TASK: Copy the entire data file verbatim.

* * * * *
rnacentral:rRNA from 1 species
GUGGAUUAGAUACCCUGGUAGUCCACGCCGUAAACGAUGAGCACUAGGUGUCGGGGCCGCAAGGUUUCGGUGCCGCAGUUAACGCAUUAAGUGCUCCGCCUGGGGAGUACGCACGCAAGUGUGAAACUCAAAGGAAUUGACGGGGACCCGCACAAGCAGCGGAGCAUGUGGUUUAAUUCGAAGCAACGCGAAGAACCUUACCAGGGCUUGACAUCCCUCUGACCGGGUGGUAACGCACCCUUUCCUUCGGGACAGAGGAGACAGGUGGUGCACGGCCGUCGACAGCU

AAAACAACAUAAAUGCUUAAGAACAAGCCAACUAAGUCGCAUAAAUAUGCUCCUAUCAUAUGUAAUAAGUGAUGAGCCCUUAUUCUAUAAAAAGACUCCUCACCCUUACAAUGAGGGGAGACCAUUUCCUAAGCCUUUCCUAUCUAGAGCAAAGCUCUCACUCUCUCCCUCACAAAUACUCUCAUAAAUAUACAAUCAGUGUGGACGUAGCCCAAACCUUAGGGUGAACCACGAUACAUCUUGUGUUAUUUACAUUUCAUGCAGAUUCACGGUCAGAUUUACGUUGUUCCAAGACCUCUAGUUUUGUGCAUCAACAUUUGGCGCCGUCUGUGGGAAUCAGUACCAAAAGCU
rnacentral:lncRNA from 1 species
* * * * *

rnacentral:rRNA from 1 species
GUGGAUUAGAUACCCUGGUAGUCCACGCCGUAAACGAUGAGCACUAGGUGUCGGGGCCGCAAGGUUUCGGUGCCGCAGUUAACGCAUUAAGUGCUCCGCCUGGGGAGUACGCACGCAAGUGUGAAACUCAAAGGAAUUGACGGGGACCCGCACAAGCAGCGGAGCAUGUGGUUUAAUUCGAAGCAACGCGAAGAACCUUACCAGGGCUUGACAUCCCUCUGACCGGGUGGUAACGCACCCUUUCCUUCGGGACAGAGGAGACAGGUGGUGCACGGCCGUCGACAGCU

AAAACAACAUAAAUGCUUAAGAACAAGCCAACUAAGUCGCAUAAAUAUGCUCCUAUCAUAUGUAAUAAGUGAUGAGCCCUUAUUCUAUAAAAAGACUCCUCACCCUUACAAUGAGGGGAGACCAUUUCCUAAGCCUUUCCUAUCUAGAGCAAAGCUCUCACUCUCUCCCUCACAAAUACUCUCAUAAAUAUACAAUCAGUGUGGACGUAGCCCAAACCUUAGGGUGAACCACGAUACAUCUUGUGUUAUUUACAUUUCAUGCAGAUUCACGGUCAGAUUUACGUUGUUCCAAGACCUCUAGUUUUGUGCAUCAACAUUUGGCGCCGUCUGUGGGAAUCAGUACCAAAAGCU
rnacentral:lncRNA from 1 species